Matthieu asks: "I know that value grouping is a technique you often use when sketching. How many values do you usually prefer? I have been experimenting with four values lately (white, black, bright and dark). But that is so few it is a challenge in itself..."
Matthieu, for this exercise to be useful, the fewer values the better. As Howard Pyle said, "The fewer tones the simpler and better your pictures." As an exercise, try limiting it to two or three tones. You can do that by using markers or gouache, or by premixing pools of color in oil.
Sometimes it helps to think of families of values: a light family (with some variation in the tones) and a dark family (very much darker than any in the light family, but still distinguishable from each other).
Those big families of tone don't have to be close to white or black, by the way. The poetry of the Cornwell moonlight scene comes from handling those "whites" as a family of mid-range cool tones and saving the highest values for those sparkling windows.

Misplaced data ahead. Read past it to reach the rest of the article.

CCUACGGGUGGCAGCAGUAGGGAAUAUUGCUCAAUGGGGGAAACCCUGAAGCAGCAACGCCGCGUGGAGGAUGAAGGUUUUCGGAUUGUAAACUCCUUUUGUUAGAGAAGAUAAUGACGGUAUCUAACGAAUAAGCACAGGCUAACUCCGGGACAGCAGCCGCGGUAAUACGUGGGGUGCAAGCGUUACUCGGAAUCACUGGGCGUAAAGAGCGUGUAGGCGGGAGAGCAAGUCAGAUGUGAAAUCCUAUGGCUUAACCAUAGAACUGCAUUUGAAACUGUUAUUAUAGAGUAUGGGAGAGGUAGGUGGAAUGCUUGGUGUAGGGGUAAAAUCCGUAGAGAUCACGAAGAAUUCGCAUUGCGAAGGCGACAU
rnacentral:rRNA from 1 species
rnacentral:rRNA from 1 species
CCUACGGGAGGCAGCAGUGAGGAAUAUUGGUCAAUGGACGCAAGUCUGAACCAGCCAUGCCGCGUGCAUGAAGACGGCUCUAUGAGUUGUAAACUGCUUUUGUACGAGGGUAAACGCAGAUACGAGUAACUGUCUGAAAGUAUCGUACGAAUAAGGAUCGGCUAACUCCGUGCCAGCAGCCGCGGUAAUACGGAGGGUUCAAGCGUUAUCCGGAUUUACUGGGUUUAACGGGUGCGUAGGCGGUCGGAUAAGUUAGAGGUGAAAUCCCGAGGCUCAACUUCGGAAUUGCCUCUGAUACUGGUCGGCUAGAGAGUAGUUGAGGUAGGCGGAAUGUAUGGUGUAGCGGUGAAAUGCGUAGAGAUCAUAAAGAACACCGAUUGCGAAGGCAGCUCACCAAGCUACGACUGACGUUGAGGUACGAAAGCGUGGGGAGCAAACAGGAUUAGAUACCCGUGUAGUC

Another thing to keep in mind is that it's not just how many values you have in your design, but how they're arranged.
|Travels of the Soul by Howard Pyle|
In the painting above, Pyle has basically set up a light family and a dark family and has gradated between them. The impact of the design comes from that powerful grouping of the lights together into a single mass and the grouping of darks into a mysterious shadow.
Pyle told his students: "Put your white against white, middle tones (groups) against grays, black against black, then black and white where you want the center of interest. This sounds simple, but it is difficult to do."
|John Singer Sargent, Two Girls Fishing, 1912, Cincinnati Art Museum|
These ideas were in the air when Pyle and Cornwell were working. Many other leading artists, such as John Singer Sargent were always grouping tones in arresting and memorable ways. If you check out any of the posts linked below, you can see more examples.
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